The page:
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Data gathered by other online operators

  • 268.

    It is also useful to recall that several DoubleClick's competitors are currently already in the position to offer services to their customers that equal those that could be achieved by DoubleClick if it was not bound by the contractual constraints regarding data analysis and use. Just looking at the technical situation, Yahoo!, Microsoft (both with their recent acquisitions) and even Google without the merger could offer them, building on data collected throughout their ad networks136. This shows that even in the unlikely situation that DoubleClick could somehow free itself from the contractual constraints this would hardly allow it to offer unique functionality137.

  • 269.

    Moreover, even the merged entity, let alone DoubleClick alone, would not have access to unique, non-replicable data because the type of information collected by DoubleClick is relatively narrow in scope. Other companies active in online advertising have the ability to collect large amounts of more or less similar information that is potentially useful for advertisement targeting. The following paragraphs sketch a few examples of such current or potential data collection.

  • 270.

    For instance, portals and other major web publishers typically require their users to register and provide personal information, and they design their websites to keep users on their web pages for the greatest length of time possible, all the while observing and recording their users’ behaviour. As a result, major web publishers can (and do) collect a vast amount of information about their users’ interests and actions. Following its proposed acquisition of BlueLithium, Yahoo! will be able to collect behavioural data across both Yahoo!’s own sites and BlueLithium’s ad network to target display advertising based on demonstrated user characteristics (BlueLithium and Yahoo! have the third and fifth largest global web audiences, respectively).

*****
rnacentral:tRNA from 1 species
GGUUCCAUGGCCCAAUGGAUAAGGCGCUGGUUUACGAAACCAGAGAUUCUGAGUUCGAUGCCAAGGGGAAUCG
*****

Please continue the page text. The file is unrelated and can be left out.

• 271.

    Internet service providers can track all of the online behaviour of their users, following them to every website they visit. Particularly large internet service providers could thus try to team up with advertisement companies to make use of this data under the restrictions imposed by privacy rules, but they could also try to use this data with their customers' consent, for instance in exchange for lower prices. Several companies offer appliances for "deep packet inspection" of network traffic routed through internet service providers in order to extract information that is meaningful for ad targeting138. Data collected in this way is potentially much broader and richer than data collected by DoubleClick (or even

136

It must be noted, however, that until now Google has a self-imposed policy not to accept third parties' ad tags and, thereby, not to track a user’s behaviour after the first click on the ad.

137

Moreover, this consideration also shows that Google did not have an incentive to acquire DoubleClick in order use its strong position in the market for search ads to coerce DoubleClick’s customers to enter into less constraining contracts because this would only give it the ability to do something that Google could already do pre-merger.

138

See Bobby White: "Watching What You See on the Web. New Gear Lets ISPs Track Users and Sell Targeted Ads; More Players, Privacy Fears", The Wall Street Journal, 6 December 2007, p. B1.

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